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On April 3, while I was in the Grand Canyon, NOAA posted its monthly update of the solar cycle, covering sunspot activity for March. As I have been doing every month since 2010, I am posting it here with annotations to give it context.
The graph above has been modified to show the predictions of the solar science community. The green curves show the community’s two original predictions from April 2007, with half the scientists predicting a very strong maximum and half predicting a weak one. The red curve is their revised May 2009 prediction.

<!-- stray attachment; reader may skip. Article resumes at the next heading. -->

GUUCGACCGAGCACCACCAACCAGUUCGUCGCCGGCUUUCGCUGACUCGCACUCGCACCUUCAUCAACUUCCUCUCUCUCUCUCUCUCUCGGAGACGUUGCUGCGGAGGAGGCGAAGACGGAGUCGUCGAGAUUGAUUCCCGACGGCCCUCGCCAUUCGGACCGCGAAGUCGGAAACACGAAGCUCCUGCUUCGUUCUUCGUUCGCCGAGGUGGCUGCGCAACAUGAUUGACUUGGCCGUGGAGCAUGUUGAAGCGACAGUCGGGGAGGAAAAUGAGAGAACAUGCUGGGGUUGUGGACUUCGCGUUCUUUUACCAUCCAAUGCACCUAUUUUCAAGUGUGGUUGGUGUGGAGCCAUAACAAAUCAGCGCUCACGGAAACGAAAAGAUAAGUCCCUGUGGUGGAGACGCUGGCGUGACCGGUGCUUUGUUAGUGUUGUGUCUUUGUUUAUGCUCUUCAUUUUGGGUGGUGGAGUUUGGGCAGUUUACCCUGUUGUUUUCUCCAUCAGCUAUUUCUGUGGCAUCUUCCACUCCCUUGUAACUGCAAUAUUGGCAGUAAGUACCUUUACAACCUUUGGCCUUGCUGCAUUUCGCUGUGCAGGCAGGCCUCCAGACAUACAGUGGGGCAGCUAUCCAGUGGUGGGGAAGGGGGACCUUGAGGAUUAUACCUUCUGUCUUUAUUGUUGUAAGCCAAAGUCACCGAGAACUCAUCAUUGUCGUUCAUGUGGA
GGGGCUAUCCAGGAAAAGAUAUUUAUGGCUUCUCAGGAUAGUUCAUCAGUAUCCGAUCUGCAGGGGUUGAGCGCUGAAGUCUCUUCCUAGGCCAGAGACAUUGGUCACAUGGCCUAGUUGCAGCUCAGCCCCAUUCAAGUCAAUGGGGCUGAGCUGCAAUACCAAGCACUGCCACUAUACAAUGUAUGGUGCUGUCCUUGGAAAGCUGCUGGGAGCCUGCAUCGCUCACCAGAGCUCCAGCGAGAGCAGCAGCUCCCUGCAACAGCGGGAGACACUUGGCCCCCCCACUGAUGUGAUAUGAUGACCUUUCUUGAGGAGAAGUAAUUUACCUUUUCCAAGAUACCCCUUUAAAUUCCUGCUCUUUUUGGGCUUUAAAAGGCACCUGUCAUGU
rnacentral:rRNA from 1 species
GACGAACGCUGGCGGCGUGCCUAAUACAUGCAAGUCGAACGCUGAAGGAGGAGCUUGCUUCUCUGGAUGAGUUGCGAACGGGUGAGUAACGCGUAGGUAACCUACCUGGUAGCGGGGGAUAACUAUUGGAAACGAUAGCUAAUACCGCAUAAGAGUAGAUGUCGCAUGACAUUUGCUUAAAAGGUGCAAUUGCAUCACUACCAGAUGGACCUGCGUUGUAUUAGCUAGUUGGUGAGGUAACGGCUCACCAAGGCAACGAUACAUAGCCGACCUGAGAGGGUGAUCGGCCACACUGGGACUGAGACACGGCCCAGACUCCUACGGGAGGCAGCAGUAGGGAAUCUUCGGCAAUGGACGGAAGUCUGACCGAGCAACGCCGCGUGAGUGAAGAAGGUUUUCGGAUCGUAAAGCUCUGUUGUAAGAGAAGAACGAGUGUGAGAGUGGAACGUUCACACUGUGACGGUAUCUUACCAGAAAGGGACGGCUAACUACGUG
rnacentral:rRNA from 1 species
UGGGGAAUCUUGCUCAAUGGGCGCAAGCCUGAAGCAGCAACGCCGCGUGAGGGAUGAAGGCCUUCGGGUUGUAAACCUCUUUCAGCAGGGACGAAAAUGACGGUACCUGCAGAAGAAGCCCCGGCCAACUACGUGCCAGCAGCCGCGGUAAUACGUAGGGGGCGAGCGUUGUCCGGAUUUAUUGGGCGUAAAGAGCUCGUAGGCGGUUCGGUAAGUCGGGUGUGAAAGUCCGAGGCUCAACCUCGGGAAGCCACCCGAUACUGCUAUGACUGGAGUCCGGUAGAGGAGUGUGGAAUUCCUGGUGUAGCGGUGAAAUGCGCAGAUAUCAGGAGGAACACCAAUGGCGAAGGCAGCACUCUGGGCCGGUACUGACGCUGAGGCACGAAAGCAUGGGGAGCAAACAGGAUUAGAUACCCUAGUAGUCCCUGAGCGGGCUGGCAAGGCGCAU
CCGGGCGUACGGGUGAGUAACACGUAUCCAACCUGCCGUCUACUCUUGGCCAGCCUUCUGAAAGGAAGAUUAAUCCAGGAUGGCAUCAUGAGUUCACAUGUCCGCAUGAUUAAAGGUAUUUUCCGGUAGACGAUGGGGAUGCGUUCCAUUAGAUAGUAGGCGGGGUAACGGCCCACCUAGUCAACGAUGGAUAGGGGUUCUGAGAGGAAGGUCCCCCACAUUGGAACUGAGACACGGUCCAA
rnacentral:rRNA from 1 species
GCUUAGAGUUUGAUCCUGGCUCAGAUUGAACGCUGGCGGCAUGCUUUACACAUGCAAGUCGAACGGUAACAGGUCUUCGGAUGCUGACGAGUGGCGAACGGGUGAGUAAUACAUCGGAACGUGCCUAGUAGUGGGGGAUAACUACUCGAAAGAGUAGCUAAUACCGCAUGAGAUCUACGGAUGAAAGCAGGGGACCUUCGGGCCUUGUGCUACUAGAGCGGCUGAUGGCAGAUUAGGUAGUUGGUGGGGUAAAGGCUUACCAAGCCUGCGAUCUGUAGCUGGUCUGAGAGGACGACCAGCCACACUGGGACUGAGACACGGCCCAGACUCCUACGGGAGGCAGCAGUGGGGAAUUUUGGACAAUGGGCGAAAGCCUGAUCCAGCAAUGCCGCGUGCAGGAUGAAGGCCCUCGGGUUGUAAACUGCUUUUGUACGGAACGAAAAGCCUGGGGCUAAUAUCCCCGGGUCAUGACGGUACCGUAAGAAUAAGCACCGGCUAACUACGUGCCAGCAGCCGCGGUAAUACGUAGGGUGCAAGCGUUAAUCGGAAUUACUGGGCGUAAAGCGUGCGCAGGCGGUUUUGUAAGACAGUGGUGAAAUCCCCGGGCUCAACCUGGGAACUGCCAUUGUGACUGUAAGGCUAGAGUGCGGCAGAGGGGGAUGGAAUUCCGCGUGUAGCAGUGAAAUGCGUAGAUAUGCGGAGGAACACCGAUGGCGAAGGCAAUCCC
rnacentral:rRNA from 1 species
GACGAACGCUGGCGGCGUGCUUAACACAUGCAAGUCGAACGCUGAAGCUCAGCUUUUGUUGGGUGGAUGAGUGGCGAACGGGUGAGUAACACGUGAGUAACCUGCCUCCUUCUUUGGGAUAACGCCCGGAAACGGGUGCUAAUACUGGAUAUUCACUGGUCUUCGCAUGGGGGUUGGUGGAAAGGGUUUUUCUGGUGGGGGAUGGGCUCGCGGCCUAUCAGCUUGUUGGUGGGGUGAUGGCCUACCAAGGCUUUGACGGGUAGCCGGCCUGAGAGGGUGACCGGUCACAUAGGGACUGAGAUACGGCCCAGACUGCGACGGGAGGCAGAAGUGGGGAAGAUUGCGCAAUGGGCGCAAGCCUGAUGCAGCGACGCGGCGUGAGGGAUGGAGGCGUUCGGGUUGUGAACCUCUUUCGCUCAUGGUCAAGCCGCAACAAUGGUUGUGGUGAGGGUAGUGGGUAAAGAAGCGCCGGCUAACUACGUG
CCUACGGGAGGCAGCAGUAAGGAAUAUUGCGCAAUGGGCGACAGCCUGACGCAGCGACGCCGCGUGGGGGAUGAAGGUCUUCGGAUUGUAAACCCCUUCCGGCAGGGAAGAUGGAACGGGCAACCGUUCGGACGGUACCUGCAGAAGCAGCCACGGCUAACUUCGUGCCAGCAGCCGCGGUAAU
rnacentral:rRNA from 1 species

The decline in sunspots continues to run below predictions, suggesting an end to this solar cycle and a solar minimum as early as sometime in 2018. And as I noted in my February update, sunspot activity continues to track the Sun’s 27 day rotation, alternating every two weeks between blank and active hemispheres. We had the longest stretch, more than two weeks, without sunspots in March. This was followed by about two weeks of activity, followed by several blank days and a relatively inactive Sun at present, beginning a little less than a week ago. I expect this period of inactivity to last another ten days or so, and then things will pick up again.